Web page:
Why U.S. Weather Forecasters Missed Irma by 194 Miles
Our country’s best weather forecasters missed the path that Hurricane Irma would take by an average of about 194 nautical miles in their five-day forecasts, a difference more than twice as big as their European counterparts.
The Europeans predicted a westward path for Irma when it was still more than a week away from the United States while our forecasters, relying largely on a model called GFS, or Global Forecast System, had Irma heading to the north and less likely to hit our country.
Discrepancies such as these lulled residents of Miami, which the hurricane was later predicted to hit, to seek safety in Tampa close to where Irma actually did make landfall. Many Tampa-area homeowners and renters stayed put.
On Sept. 1, when Irma was still in the mid-Atlantic, CNN showed the different path projections as predicted by the American model (red) and the more accurate Europen model (blue).
The average error from 2011 to 2015 for five-day forecasts of the path of hurricanes from the National Hurricane Center was 222 nautical miles, said Ryan Torn, an associate professor at the State University of New York at Albany who works with the center.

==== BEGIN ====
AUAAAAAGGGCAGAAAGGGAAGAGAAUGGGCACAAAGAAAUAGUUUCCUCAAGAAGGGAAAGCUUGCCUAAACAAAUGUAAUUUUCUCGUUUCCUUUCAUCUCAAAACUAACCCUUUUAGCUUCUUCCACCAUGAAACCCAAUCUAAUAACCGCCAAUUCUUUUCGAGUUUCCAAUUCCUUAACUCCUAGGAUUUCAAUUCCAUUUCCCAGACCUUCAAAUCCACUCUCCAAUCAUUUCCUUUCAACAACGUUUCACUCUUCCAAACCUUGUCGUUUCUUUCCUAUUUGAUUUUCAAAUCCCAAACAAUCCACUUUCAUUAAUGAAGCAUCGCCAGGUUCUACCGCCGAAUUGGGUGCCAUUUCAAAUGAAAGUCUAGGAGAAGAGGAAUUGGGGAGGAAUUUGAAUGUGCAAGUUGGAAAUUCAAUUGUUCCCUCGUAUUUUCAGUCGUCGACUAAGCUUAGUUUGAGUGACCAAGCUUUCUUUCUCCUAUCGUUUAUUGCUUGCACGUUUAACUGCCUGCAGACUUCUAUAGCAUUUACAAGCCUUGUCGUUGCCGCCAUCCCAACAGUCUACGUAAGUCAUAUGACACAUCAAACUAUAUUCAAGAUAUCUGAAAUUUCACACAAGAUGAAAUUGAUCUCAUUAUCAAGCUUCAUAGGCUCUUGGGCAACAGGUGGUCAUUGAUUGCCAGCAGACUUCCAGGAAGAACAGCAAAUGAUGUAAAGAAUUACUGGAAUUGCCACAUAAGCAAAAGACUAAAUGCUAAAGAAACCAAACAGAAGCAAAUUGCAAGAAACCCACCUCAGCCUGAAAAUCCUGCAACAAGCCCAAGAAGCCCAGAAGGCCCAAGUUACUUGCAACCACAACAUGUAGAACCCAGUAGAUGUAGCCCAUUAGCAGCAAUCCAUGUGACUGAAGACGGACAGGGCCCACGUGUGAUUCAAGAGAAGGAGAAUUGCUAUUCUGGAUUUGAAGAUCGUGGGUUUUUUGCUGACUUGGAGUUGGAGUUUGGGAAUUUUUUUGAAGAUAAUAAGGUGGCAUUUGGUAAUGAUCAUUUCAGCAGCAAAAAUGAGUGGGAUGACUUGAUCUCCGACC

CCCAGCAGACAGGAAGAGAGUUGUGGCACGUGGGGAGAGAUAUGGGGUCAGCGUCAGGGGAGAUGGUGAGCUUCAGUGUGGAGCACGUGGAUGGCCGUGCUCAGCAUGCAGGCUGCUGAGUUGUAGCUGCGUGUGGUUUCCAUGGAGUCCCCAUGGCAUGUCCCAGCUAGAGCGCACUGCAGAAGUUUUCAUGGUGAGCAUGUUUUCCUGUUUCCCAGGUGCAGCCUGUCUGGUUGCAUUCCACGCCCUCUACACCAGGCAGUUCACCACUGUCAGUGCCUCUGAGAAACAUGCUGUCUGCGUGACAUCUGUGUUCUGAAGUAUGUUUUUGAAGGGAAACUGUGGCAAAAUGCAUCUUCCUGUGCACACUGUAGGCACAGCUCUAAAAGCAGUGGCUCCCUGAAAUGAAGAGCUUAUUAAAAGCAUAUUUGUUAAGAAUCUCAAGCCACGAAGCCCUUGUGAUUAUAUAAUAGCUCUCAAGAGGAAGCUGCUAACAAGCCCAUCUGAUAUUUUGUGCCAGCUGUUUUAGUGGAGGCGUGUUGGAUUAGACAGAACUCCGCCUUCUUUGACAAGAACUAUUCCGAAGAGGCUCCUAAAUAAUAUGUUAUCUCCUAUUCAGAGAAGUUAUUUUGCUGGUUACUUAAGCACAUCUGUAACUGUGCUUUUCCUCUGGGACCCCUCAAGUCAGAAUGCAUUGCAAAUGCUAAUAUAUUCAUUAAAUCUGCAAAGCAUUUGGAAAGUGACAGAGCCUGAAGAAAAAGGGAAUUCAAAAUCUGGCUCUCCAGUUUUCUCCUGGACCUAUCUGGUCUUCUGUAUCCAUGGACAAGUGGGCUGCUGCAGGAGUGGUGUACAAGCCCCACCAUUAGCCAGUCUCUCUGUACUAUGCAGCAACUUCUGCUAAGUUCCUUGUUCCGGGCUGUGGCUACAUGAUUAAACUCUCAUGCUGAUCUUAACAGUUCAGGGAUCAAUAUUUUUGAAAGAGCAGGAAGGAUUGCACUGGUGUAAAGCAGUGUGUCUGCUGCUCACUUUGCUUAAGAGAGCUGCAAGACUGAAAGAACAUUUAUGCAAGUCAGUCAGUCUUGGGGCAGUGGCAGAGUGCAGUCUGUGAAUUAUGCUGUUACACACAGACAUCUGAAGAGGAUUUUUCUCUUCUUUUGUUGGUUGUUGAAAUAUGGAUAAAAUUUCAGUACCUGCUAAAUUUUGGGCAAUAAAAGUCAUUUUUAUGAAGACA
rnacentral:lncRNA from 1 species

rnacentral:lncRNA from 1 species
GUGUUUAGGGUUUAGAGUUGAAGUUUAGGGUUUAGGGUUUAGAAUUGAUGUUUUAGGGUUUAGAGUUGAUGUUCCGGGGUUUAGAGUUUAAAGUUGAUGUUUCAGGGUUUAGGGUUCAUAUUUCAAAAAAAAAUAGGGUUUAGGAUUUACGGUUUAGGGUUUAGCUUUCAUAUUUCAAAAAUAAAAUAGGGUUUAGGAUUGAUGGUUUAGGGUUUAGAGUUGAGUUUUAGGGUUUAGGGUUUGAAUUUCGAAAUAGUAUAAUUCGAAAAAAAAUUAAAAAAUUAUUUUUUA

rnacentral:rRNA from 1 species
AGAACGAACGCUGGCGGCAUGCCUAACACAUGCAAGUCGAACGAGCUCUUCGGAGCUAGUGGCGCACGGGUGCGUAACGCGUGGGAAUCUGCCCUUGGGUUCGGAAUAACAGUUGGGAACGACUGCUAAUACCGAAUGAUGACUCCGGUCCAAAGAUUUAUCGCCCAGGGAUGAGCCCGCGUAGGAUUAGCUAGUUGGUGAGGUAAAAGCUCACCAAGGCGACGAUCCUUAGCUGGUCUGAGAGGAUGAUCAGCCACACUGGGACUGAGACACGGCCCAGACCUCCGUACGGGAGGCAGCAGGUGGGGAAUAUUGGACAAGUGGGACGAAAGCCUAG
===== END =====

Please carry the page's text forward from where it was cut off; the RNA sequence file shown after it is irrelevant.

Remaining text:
But Europeans are getting better faster.
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Cliff Mass, a professor of atmospheric sciences at the University of Washington, said in 2016 that U.S. global weather predicting was in fourth place, behind European, British and Canadian forecasters. The U.S. Air Force uses British weather-modeling software.
Safe and Sound
DCReport.org volunteer proofreader Maureen Gibbons rode out Irma at her home north of Orlando. She reports: “Power out for only 16 hours. Very safe and blessed. Spent the night in the bathroom with two screaming, warring cats.”
The best-known miss by the Global Forecast System is Hurricane Sandy in 2012 which the European model had making landfall somewhere between New Jersey and New York City while forecasters from our country initially had it staying safely out to sea.
Things could get worse under Trump. His budget calls for cutting the National Oceanic and Atmospheric Administration by 16%. The National Weather Service is already understaffed, and the weather service put out alerts in all caps for almost 170 years because the system was designed for the telegraph.
Brian Tang, an assistant professor at the State University of New York in Albany, called the Irma predictions by the European Centre for Medium-Range Weather Forecasting, or ECMWF, exceptional.
“I wouldn’t expect the [European Centre] to perform this well for all other hurricanes,” Tang said. “For example, the mean absolute errors for Hurricane Jose are about 215 nautical miles for both” the U.S. and European models.
Jose is now a Category 2 hurricane north of the Leeward Islands. About one-fourth of the U.S. system tracks run Monday showed it hitting the United States. The European model predicted Jose would remain at sea or make landfall in New England or Canada.